Another in the series and another that somehow escaped until now. What a shame that it did.
Arthur Golden’s Memoirs of a Geisha offers an education in Japanese culture – or rather cultures. The work purports to be a factual account, told by Nitta Sayuri, a woman who has retired from her duties.
The story unfolds in a flashback beginning with the perspective of a nine-year-old Sayuri – bright and inquisitive, and beautiful despite smelling of fish. Her father traffics her and her sister as their mother is dying. Sayuri does not want to leave the “tipsy house” on the hillside in their tiny village. She grows more despondent when the trafficker separates the two girls. In the first fifty pages, Golden serves up a portrait of class differences, of a society locked in tradition, and of collective isolation.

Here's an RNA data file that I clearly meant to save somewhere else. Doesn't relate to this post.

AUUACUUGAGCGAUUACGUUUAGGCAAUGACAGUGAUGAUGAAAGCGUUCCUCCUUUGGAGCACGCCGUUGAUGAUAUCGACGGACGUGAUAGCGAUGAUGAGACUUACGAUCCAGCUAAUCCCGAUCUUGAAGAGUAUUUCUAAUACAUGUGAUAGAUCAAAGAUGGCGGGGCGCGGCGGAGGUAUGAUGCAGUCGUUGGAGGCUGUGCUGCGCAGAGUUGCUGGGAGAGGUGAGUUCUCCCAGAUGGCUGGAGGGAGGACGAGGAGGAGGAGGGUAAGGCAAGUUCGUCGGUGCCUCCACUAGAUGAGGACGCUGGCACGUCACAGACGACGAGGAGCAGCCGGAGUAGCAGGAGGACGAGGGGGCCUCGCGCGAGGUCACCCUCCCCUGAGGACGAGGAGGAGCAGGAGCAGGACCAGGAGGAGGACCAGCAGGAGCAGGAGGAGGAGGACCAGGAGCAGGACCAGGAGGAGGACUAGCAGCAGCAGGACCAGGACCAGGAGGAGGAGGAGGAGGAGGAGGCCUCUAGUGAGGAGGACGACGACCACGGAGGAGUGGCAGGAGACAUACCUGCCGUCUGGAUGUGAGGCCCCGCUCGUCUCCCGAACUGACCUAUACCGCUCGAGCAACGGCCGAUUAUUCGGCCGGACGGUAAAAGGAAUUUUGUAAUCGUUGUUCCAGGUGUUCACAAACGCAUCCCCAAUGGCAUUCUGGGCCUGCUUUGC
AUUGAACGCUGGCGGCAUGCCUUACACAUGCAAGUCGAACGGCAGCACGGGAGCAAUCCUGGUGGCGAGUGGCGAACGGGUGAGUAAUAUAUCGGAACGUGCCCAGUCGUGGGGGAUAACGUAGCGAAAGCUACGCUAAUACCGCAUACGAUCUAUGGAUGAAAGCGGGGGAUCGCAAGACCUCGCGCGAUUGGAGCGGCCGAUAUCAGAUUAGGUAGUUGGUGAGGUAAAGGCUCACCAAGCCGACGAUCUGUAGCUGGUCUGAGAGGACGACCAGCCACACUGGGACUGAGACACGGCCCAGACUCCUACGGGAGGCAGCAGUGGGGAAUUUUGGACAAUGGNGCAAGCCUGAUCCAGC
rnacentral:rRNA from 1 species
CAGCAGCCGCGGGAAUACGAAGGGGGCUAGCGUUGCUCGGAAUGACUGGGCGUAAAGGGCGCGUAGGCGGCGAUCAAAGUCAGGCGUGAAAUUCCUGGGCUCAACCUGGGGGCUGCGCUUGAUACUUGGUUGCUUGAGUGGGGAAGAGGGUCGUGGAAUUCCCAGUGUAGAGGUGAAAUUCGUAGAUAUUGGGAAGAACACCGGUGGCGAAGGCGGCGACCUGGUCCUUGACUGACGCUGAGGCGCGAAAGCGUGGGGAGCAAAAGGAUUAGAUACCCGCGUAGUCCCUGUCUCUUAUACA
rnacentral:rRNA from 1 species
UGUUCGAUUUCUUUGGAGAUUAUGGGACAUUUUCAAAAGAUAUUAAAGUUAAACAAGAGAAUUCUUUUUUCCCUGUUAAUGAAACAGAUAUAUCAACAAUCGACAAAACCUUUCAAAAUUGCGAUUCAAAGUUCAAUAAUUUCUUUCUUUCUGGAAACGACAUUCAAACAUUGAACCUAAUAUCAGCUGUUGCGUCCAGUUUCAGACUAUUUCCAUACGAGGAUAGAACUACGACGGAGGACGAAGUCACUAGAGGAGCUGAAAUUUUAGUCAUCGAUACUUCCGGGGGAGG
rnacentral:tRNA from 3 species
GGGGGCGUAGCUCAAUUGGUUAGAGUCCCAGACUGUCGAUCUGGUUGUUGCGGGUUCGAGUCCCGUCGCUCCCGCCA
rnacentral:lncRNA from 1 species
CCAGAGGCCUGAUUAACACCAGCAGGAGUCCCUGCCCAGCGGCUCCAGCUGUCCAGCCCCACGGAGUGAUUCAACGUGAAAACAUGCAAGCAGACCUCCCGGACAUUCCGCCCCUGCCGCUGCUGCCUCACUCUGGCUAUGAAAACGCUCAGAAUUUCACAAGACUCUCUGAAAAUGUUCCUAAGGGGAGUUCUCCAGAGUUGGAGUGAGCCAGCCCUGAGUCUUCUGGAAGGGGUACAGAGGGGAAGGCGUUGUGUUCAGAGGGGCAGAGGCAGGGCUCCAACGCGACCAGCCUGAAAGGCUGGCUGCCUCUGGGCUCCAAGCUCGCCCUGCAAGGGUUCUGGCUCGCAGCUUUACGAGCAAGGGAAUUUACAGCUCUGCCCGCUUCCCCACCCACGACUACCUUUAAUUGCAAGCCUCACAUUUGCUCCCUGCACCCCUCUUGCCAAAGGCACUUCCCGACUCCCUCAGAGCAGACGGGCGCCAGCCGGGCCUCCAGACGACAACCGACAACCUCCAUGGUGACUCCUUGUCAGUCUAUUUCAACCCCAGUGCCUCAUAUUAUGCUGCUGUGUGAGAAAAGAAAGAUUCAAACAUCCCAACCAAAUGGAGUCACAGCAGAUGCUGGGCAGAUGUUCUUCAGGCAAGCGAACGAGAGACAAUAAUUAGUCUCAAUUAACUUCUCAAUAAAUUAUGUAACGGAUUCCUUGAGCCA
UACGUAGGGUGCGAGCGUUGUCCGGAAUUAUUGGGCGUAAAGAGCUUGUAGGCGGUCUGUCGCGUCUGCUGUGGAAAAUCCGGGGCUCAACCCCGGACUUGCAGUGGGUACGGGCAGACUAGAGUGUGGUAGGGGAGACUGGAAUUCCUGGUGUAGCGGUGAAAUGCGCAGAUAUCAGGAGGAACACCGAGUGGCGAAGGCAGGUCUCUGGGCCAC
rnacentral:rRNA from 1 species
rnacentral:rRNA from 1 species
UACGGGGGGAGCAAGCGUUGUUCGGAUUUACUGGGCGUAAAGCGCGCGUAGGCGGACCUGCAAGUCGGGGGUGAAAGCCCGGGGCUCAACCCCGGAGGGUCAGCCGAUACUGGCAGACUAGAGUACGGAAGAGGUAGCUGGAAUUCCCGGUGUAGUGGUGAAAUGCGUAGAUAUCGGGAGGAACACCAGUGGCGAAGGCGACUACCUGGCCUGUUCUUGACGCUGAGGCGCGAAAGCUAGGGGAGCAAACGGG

The genius of this work comes through from the beginning. Golden achieves what few men do in capturing the voice of a woman, and even more, the clear-eyed observations of a little girl.
The secondary characters appear by turns exquisite and gruesome. Sayuri marvels at a kimono worn by the pipe-smoking madam (called Mother) that was “yellow with willowy branches bearing lovely green and orange leaves; it was made of silk gauze as delicate as a spider’s web. Her obi was every bit as astonishing to me. It was a lovely gauzy texture too, but heavier-looking, in russet and brown with gold threads woven through.” When she disobeys and looks at Mother’s face, “… it was as though I’d been patting a cat’s body only to discover it had a bulldog’s head.”
More harrowing is skin on the shoulders and back of the woman called Granny, a retired geisha who used lead-based makeup, which reacted to chemicals in the water. Sayuri describes the flesh as “bumpy and yellow like an uncooked chicken’s.” So much for the image of the delicate flower of geisha-hood.
Even in the early pages, Golden has established the anguish and pain of Sayuri’s life.